Sean Kenny (theatre designer)

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Sean Kenny
Born 23 December 1929
Portroe, County Tipperary, Ireland
Died 11 June 1973 (aged 43)
London, UK
Nationality Irish
Occupation Scenic, costume and lighting designer (theatre and film)
Spouse(s) Jan Walker
Judy Huxtable
Partner(s) Judy Geeson (1969–1973)
Children 3 sons (Mac, Shane, and Mark)
Awards 1963 Tony Award
Best Scenic Designer for the New York production of Oliver!

Sean Kenny (23 December 1929 – 11 June 1973) was an Irish theatre and film scenic designer, costume designer, lighting designer and director. Kenny was most notable as the set designer for the original production of Oliver!

Early career[edit]

Kenny was born in Portroe, County Tipperary, Ireland. In 1950, aged 20, while still an architecture student, he and three others sailed from Ireland to New York in a 36' sailboat, "The Ituna" on 24 September 1950. [1]

Kenny was a contributor to The Establishment, a standup satire and jazz club in London founded by Peter Cook and Nicholas Luard.[2]

In 1966, Kenny married model Judy Huxtable. She later described him as a "violent drunk" and "regularly unfaithful", and left him to marry Peter Cook.[3]

Following his divorce, Kenny lived with the actress Judy Geeson until his sudden death from a heart attack and brain haemorrhage at the age of 43.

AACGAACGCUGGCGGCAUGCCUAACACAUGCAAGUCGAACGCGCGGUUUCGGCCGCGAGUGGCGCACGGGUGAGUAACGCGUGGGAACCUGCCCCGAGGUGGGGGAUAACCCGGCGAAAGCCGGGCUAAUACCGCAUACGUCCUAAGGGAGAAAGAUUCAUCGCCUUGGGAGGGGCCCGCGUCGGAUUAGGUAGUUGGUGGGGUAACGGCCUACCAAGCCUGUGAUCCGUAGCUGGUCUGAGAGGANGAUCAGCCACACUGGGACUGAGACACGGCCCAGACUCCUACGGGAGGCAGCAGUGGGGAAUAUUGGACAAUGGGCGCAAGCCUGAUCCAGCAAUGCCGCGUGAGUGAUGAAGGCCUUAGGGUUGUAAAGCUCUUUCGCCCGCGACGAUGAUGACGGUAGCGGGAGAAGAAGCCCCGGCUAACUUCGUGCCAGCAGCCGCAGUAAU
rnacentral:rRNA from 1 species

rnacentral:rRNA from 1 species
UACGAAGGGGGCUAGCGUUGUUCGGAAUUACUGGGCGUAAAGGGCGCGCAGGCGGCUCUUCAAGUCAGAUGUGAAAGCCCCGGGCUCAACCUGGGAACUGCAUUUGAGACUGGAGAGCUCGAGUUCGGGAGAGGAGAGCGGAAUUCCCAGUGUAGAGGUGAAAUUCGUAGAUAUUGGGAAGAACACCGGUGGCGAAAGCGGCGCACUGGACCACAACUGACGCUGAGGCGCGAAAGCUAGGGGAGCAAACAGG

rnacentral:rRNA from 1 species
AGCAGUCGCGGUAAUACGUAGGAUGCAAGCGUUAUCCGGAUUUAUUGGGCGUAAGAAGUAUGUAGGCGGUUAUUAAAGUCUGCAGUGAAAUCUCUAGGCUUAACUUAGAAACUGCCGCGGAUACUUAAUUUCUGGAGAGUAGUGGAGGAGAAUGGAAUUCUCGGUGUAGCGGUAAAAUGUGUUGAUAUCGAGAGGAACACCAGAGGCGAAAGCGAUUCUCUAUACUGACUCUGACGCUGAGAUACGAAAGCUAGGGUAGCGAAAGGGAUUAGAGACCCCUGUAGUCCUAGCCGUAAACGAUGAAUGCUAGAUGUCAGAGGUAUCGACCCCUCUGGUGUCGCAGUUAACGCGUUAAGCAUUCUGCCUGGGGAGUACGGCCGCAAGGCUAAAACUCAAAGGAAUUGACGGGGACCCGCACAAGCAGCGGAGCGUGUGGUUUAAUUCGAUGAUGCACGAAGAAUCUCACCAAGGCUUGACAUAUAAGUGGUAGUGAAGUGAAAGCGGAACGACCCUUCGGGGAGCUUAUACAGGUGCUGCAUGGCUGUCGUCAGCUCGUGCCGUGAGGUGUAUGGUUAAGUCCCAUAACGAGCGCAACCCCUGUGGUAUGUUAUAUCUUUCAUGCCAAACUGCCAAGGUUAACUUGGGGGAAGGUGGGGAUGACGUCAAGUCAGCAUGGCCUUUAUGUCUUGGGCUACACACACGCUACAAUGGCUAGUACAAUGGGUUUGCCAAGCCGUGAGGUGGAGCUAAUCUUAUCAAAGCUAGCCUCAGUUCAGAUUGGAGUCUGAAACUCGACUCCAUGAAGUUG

Design style[edit]

Kenny collaborated with the author and director to make the scenery contribute so significantly to the production that the scenery rose to the status of being a character in the play, for example Cameron Mackintosh wrote, "A lot of the original 1960 production had been written during rehearsal to accompany the working of Sean Kenny's set (Oliver! has an episodic story that requires quick and varied changes of locale)..."[4]

About the Sean Kenny design for the inaugural production of the National Theatre (Hamlet, The Old Vic, 1963) "The scenic shorthand of Sean Kenny's revolving set has all the vigour and unfussy force of O'Toole's performance in the title role...From a practical point of view it enables the director to deploy his cast three-dimensionally, in height as well as across the stage and enables scene changes to be effected rapidly and practically." Peter Roberts, Plays and Players 12.63 [5]

For each production Kenny invented what he called a frame, as in framework or scaffold or skeleton. For productions with small budgets the frame would be stationary and for productions with large budgets the frame would be dynamic, moving. In Oliver! the frame consisted of multi-level scaffolding built on a rotating turntable and two rotating side wagons, properly called ring fragments, that followed the curve of the turntable. In Pickwick, the frame was four multi-level scaffolds on wagons that could move in any direction, like four rolling houses. For Blitz! the frame was four multi-level scaffolds on rolling wagons and two towers that rolled up and down stage connected by a bridge that raised and lowered while the towers were moving. In each production this frame provided the different spaces, entrances, levels and playing areas needed by the script and by the action.[citation needed]


Incomplete list:



External links[edit]